-- Publishers Weekly (starred review)

". . . a novel of initiation, another tale of a novice trained physically and spiritually in awesome mysteries. Think the Wachowski siblings' Matrix movies. Think Grant Morrison's The Invisibles comic book series.
"When we meet Chabi, she is a teenage girl living on a houseboat in Sausalito, California, and taking martial arts lessons from a mysterious Indian man named Narayana Raj. Disconnected from her alcoholic mother, she is able to speak without opening her mouth (and without, apparently, having anyone remark on that peculiarity). She's also a fearsome adolescent warrior, able to run incredible distances at blazing speed and capable of fighting and killing fearsome opponents, human and otherwise. When her teacher abandons her, she must decide whether she wants to use her skills in the service of the rich and powerful.
"Chabi is . . . in over her head, but she doesn't quite know it. Her inability to see the big picture gives The Entropy of Bones a poignancy that is not often found in a genre where the good guys are always expected to win."
-- Michael Berry, LA Review of Books

"If The Entropy of Bones was a sandwich, it would chip your tooth. If it was a drink, it would make you blind for a few panicked seconds before the world returned. The ending is relentless, breathless, and tragic."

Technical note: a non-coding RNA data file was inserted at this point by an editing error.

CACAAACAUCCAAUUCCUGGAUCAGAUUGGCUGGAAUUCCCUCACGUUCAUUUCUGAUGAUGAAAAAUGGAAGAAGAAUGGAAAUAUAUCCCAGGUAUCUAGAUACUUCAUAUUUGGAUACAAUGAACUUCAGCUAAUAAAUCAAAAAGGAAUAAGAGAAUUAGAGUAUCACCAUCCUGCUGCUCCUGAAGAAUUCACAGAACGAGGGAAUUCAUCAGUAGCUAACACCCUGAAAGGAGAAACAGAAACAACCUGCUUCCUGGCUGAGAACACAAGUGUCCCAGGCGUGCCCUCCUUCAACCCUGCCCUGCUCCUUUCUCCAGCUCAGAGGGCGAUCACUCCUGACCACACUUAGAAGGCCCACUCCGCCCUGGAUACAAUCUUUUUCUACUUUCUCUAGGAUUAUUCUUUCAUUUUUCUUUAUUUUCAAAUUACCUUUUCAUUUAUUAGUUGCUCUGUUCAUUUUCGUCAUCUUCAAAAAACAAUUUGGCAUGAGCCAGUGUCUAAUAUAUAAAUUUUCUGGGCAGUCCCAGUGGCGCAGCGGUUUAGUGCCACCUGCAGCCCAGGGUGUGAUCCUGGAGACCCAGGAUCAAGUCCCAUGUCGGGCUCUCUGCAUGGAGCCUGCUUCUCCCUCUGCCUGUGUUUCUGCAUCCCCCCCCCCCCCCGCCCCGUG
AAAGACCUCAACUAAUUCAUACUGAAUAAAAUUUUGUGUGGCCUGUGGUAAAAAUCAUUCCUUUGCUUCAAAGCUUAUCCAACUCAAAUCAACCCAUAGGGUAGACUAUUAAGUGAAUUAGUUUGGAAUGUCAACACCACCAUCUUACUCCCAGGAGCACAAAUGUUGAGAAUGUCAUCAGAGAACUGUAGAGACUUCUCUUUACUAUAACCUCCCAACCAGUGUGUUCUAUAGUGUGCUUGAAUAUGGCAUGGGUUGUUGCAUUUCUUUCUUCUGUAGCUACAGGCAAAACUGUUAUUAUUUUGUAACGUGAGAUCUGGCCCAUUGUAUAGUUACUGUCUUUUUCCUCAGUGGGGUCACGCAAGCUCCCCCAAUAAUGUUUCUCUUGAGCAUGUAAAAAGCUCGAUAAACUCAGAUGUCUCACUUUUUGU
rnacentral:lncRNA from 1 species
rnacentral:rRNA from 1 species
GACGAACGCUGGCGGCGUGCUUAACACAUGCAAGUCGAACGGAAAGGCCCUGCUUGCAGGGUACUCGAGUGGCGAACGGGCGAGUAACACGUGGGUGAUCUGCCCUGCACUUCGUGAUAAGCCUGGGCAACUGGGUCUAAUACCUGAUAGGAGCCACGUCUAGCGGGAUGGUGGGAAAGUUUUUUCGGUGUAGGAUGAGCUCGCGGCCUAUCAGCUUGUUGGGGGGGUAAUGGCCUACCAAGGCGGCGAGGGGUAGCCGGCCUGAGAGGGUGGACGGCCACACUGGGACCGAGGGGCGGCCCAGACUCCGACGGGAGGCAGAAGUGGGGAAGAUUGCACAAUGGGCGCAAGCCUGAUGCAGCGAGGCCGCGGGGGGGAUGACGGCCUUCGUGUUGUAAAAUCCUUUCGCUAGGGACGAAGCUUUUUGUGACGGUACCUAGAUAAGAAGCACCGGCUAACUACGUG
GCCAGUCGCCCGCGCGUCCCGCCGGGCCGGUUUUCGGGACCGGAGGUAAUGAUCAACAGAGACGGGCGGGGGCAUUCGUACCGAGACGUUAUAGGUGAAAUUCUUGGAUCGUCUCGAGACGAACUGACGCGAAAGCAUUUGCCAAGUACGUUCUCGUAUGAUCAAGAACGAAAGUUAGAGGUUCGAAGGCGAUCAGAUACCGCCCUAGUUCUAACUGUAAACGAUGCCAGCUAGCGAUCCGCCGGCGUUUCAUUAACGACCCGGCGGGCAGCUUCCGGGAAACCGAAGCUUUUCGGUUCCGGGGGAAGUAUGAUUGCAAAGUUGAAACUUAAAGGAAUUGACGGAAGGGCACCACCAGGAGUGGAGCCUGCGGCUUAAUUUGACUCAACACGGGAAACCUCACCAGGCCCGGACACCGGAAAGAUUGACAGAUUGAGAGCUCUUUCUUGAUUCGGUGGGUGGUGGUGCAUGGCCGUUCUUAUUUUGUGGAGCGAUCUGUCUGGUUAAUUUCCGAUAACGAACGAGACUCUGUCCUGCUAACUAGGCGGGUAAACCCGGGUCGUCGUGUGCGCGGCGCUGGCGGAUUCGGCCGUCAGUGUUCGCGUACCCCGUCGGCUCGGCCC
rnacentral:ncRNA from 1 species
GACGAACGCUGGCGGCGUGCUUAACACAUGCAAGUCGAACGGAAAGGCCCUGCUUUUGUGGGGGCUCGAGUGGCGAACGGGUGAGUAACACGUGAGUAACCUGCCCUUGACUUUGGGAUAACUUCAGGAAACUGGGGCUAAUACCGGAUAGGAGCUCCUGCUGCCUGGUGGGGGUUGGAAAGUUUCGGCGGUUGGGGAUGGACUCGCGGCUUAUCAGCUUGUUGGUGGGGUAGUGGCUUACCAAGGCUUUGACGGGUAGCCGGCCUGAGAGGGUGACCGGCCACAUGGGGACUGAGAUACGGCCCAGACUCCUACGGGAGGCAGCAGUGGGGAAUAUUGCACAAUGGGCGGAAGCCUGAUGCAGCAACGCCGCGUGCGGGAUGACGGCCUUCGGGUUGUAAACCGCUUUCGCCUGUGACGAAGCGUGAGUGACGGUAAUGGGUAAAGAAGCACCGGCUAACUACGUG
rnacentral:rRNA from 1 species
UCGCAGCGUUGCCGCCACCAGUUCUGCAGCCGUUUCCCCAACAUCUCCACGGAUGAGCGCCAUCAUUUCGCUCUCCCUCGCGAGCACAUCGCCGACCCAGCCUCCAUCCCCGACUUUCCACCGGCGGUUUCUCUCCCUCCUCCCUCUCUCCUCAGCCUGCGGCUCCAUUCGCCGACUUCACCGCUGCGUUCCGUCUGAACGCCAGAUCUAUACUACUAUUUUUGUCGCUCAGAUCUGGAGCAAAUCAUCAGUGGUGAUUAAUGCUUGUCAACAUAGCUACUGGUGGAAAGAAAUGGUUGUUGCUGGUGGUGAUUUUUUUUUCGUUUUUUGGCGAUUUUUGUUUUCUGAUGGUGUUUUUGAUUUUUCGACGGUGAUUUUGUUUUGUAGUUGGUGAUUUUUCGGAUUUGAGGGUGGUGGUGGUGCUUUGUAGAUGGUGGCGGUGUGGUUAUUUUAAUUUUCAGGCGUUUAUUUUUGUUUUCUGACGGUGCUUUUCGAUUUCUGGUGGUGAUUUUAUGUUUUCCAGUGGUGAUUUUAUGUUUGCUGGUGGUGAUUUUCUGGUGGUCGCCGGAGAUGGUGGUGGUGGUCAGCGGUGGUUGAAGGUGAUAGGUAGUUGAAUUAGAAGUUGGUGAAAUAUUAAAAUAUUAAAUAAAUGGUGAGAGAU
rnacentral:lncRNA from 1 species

-- Nerds of a Feather

"Chabi would never be like other teens in the Bay Area. Her black-Mongolian heritage, her lack of a father, her mother's alcoholism--those make her unusual but what really sets her apart is that she is liminal, able to do things that normal humans simply can't. Although mute from birth Chabi can push her thoughts into the minds of others. Trained from a young age to be an unstoppable killer by a man with shady motives, Chabi falls into a dangerous crowd led by the charismatic Rice after her mentor disappears. Before she can fall completely under Rice's sway, a man familiar with liminals tries to tell her the score. VERDICT In this follow-up to "The Liminal People" and "The Liminal War", Jama-Everett focuses on an outsider character who can show us more of the powers at play in his world. When the novel succeeds, it does so mostly on the strength of Chabi's voice."
-- Library Journal

Reviews of Ayize Jama-Everett's Liminal novels:

"In Ayize Jama-Everett's The Liminal War, the family one chooses is just as important as the one a person is born into. Taggert is a "Liminal," a being who can manipulate human molecules and DNA, allowing him to both harm and heal. When his adopted daughter is kidnapped by his psychotic former mentor, Taggert will rent the fabric of time and space to make sure his daughter is found before his former master can twist her mind. While there are forces stronger than Liminals bent on stopping Taggert and his friends -- a pot-smoking god and a musician who takes him back to 1970s London -- they may be outmatched by Taggert's biological daughter, Tamara, who will risk her own life to save her sister's."